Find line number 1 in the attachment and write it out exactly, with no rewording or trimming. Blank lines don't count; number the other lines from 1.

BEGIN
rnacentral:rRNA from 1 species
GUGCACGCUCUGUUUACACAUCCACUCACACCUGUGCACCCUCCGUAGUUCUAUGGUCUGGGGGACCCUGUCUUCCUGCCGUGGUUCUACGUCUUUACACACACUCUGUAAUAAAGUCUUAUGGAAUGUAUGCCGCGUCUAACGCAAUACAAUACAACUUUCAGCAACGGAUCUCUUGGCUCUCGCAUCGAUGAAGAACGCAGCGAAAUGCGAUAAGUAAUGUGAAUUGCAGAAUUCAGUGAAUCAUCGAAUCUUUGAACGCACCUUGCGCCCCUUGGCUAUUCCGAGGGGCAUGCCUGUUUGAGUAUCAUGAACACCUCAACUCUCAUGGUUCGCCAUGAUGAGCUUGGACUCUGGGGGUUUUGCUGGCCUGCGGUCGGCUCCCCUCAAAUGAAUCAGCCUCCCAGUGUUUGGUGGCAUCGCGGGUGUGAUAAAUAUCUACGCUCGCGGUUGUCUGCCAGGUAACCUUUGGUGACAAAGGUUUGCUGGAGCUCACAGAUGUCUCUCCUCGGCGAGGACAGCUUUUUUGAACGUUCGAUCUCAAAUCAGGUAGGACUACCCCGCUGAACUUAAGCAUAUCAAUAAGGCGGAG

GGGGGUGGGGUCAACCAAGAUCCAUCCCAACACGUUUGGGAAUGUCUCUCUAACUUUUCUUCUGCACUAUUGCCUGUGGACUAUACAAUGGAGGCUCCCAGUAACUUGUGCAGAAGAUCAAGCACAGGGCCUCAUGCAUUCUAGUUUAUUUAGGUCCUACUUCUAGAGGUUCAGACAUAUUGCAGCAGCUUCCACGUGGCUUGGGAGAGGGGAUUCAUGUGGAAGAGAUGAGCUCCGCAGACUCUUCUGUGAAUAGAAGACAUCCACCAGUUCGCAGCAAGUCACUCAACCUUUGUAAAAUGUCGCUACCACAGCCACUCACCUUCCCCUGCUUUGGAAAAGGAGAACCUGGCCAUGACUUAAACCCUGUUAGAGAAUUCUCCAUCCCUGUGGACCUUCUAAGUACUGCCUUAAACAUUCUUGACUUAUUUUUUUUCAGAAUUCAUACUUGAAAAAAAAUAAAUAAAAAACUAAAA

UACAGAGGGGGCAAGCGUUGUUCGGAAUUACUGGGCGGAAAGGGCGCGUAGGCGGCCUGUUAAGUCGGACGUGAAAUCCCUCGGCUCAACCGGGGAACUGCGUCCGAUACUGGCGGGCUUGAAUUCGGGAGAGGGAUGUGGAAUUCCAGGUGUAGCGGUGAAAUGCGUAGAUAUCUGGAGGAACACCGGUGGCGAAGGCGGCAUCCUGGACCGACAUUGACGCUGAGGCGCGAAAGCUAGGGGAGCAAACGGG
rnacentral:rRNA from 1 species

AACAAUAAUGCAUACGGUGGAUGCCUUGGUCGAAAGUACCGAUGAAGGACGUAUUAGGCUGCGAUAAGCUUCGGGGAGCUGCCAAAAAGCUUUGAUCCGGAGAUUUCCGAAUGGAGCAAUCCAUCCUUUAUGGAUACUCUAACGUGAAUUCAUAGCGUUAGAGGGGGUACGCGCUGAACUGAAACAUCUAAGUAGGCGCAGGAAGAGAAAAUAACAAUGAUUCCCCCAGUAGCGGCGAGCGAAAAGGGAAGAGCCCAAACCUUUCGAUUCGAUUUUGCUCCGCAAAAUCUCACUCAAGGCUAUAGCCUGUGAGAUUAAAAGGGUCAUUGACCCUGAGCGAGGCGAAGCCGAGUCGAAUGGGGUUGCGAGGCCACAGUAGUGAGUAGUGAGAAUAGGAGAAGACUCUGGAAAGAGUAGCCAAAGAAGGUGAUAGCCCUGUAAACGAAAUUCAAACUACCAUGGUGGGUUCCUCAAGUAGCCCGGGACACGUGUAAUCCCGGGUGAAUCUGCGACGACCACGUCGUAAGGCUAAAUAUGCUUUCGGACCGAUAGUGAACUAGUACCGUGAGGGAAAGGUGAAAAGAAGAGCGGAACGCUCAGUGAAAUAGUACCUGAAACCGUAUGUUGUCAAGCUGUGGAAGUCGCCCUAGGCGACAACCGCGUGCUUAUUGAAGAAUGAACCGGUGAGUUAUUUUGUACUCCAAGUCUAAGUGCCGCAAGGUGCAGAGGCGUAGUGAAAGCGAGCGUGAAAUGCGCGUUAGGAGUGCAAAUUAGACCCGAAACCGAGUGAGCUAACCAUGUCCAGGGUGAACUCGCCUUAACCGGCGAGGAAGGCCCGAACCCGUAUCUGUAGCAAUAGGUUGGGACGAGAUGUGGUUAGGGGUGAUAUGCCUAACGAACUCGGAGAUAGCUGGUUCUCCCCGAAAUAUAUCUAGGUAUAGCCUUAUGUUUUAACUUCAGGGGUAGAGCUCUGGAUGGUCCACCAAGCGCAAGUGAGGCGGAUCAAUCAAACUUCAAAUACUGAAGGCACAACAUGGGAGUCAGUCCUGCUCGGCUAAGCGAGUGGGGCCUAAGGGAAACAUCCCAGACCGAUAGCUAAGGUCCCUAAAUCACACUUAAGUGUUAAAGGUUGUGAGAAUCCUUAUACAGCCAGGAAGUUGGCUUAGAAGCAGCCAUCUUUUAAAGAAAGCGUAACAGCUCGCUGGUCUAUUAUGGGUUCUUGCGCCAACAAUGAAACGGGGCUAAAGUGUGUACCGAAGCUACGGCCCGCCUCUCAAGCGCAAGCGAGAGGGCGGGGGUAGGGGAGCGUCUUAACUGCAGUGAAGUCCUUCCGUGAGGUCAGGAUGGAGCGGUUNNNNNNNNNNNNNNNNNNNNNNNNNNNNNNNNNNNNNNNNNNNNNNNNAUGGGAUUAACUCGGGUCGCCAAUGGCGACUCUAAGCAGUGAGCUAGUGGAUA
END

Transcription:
rnacentral:rRNA from 1 species